Ken Taylor’s name may sound familiar to you. Taylor (shown in the photo above) was the former ambassador to Iran, who was the centre of the narrative in Ben Affleck’s Hollywood blockbuster film ARGO – a true story about how he personally sheltered six American diplomats during the 1979 hostage crisis.
Although ARGO was based on a true story, it wasn’t the entire story.
OUR MAN IN TEHRAN is a fascinating documentary that details what has become known as “The Canadian Caper” and premiered during the Toronto International Film Festival this year. It’s currently showing at the TIFF Bell Lightbox.
Having watched both films, I wanted to dive-in deeper with one of the co-directors, Drew Taylor (no relation to Ken Taylor) to give you a little bit more insight and his point of view about the film and about what goes on behind the scenes. I was completely amazed to learn that this is Drew’s film directing debut.
It’s incredible to learn that this is your directing debut and it’s a biggie! What was the driving force for you to make such an ambitious leap of faith?
Growing up my brother and I always had a keen interest in movies. Matthew followed that passion and went to Queens University studying Film and has been working in the industry since graduating. Although my path was a little different we started Film House Inc. in 2012 and started developing projects. In the summer of 2012 one of our partners Elena Semikina met with Ken Taylor, former Canadian Ambassador to Iran. After a candid conversation she recognised that there were elements to the story that were not commonly known. She proposed a theatrical documentary exploring the events of the 1979 hostage crisis – including revelations which have never been revealed. These included the lengths that Canada went not only to protect six fugitive American diplomats, but also Ken’s participation in the planning and preparation for Operation Eagle Claw, the rescue attempt for the 52 remaining hostages. It tells the story of an important moment in history that Canadian can take pride in. For that reason we felt a great sense of obligation to do it justice. After Argo premiered at TIFF last year, it created a sense of urgency to tell this story and release it at TIFF this year – in a sense, providing a bookend. We didn’t really have much time to dwell on the fact that this was our first film, we just kept our heads down and focused on making the film.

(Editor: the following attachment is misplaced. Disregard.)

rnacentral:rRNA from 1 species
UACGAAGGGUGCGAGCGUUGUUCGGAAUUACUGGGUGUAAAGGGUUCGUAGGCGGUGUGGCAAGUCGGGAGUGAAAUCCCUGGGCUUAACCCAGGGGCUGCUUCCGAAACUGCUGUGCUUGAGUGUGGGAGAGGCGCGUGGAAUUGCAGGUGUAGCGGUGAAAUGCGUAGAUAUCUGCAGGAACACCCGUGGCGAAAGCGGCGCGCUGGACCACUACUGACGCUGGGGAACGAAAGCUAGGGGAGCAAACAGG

“it was important to these people that the story be told as a documentary that stays true to the facts”
This documentary was co-directed with Larry Weinstein, and no doubt an incredible learning experience. What were some key things you’ve learned from him about the business?
I knew that we needed to bring together the right team and Rhombus has an exceptional reputation for producing world-class documentaries. They were exactly the right partners to help tackle this project. In addition to their awards and accolades, Larry Weinstein and Niv Fichman are known for approaching difficult topics with a great deal of passion, sensitivity and integrity – all of which were critical components in order to tell this story.
As a young filmmaker, my experience working with Larry has been invaluable and perhaps immeasurable. He makes a total commitment not only to the project itself, but to the people involved as well. I am extremely grateful for the opportunity to work alongside one of Canada’s leading documentary directors and producers and to see and learn from his artistry in action.
One great lesson I learned as a young filmmaker was not to try to do everything yourself. Everyone has strengths and weaknesses and it takes a team of people to make a film. Somewhere Larry is chuckling as I make a comparison to baseball… but a great parallel can be drawn. Baseball can be described as an individual sport played in a team setting. Everyone has a job they have to take care of and a pitcher’s is very different than an outfielder’s, but neither one is very good at the others. Filmmaking is the same way, know when to hand off a job to someone else who is able to do it better – the goal in the end is take a story and make it into the best film you can – and that is rarely done alone.